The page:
We moved the car off the road and took stock of our situation. By now it was 7 PM and we were fifteen miles out of town without a working vehicle. No cell signal. And of course, just when you REALLY need a good Army Chinook helicopter, there were none to be found, just like a cab in the rain in Manhattan. So, we gathered up what we think we would need, cell phone, dog, blanket, Smartfood, a water bottle, phone numbers, etc., moved the car safely off the track, locked it, and started walking down, the boys in great spirits with the notion that this was becoming a real adventure. Within half a mile, we met two women, Paula and Sarabeth from Denver walking up the road. We told them our story and they agreed to drive us close to town where we would reach a cell signal to call for help.
Once in cell range, which was virtually ALL the way back to town, we called Scott, our salesperson from three days earlier for an assist. We learned that although our new car comes with roadside assistance, there is no such thing as “offroadside” assistance. Paula and Sarabeth did not want to leave us stranded, so they agreed to drive us into town to our favorite pizza restaurant, Brunelleschi’s as it was now nearly 8 PM and the boys were getting hungry. At the restaurant, I let the boys tell our saga to the owners, Gil and Emily, which they clearly relished. While eating dinner, we reviewed all that happened and all the GREAT LEARNING that took place. An hour and a half later, we were all safely back at home, thanks to a cab that would allow dogs, although the Land Rover was still stranded in the forest high above town.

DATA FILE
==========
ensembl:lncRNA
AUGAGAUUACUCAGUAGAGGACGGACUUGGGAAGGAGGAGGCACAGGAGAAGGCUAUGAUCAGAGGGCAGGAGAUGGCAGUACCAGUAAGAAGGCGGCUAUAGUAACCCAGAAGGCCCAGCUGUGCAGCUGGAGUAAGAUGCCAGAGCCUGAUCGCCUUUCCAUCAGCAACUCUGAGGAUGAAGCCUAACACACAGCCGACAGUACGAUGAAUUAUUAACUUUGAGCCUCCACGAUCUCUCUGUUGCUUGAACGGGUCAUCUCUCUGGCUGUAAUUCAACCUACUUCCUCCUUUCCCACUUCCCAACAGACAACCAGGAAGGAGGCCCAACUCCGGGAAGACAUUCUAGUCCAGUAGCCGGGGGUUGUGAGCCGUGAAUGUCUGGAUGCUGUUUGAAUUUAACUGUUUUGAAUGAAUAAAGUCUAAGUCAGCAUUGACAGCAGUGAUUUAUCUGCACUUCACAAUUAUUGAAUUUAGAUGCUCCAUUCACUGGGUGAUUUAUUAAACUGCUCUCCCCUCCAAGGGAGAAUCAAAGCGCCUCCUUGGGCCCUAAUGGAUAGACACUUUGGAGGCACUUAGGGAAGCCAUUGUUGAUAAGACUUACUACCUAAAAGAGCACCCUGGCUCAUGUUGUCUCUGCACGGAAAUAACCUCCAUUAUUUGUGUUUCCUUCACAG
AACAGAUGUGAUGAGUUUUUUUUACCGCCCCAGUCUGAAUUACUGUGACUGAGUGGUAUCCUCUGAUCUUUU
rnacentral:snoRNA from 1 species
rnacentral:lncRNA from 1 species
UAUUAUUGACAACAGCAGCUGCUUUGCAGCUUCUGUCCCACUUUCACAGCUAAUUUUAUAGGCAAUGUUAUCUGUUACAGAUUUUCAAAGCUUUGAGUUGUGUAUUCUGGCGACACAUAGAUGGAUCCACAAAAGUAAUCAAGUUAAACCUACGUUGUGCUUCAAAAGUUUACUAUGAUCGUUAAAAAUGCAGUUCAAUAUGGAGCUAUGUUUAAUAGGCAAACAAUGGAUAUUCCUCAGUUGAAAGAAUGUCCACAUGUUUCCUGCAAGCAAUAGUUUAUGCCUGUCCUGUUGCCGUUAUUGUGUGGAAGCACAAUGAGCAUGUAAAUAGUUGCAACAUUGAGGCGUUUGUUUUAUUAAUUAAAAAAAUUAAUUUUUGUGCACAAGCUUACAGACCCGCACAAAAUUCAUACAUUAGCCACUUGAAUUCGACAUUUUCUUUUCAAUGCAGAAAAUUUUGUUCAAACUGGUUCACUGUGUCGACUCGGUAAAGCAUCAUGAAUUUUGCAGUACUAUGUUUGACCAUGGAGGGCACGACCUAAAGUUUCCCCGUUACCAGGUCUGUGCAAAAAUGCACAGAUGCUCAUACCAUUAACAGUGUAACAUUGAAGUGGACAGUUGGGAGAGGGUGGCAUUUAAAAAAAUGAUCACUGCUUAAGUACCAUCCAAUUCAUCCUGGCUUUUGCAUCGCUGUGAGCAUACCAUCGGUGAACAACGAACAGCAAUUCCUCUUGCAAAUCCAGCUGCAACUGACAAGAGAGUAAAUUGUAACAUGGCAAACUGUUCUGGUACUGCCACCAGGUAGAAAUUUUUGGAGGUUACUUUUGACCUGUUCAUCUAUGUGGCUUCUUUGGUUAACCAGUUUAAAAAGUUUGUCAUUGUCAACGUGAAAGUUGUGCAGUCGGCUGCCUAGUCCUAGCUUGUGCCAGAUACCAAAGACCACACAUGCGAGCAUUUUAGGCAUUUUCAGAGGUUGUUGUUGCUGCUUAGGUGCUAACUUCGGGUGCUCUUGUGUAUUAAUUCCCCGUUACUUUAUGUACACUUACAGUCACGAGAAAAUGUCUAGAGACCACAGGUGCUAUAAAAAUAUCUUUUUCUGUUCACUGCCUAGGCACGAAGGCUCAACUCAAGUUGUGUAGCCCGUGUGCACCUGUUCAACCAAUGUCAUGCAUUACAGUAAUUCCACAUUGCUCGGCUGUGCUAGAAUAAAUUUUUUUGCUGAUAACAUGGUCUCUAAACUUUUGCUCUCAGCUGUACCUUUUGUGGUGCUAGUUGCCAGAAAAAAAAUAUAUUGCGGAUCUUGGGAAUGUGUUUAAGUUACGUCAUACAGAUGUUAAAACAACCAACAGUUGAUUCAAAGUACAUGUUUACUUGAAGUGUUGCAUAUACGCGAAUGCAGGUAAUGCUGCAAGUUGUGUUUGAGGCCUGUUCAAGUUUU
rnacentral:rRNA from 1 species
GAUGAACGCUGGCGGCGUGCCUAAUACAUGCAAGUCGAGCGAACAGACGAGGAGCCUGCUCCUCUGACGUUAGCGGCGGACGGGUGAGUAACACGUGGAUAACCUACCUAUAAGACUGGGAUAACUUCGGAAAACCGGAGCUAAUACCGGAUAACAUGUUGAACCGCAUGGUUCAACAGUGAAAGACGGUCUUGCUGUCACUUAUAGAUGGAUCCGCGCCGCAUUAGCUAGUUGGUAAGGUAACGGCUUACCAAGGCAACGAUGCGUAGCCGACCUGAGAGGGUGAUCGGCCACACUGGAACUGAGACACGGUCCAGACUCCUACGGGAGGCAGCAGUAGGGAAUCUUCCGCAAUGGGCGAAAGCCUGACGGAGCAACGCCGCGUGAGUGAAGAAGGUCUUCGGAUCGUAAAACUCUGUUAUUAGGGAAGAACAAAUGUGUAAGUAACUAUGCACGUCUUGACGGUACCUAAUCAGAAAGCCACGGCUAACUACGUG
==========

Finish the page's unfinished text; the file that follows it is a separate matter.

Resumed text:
Now, let’s review several of the lessons we learned and how they are relevant in a business context. I am sure there are more, if I thought for a few more days, but these are the ones that come to mind right away.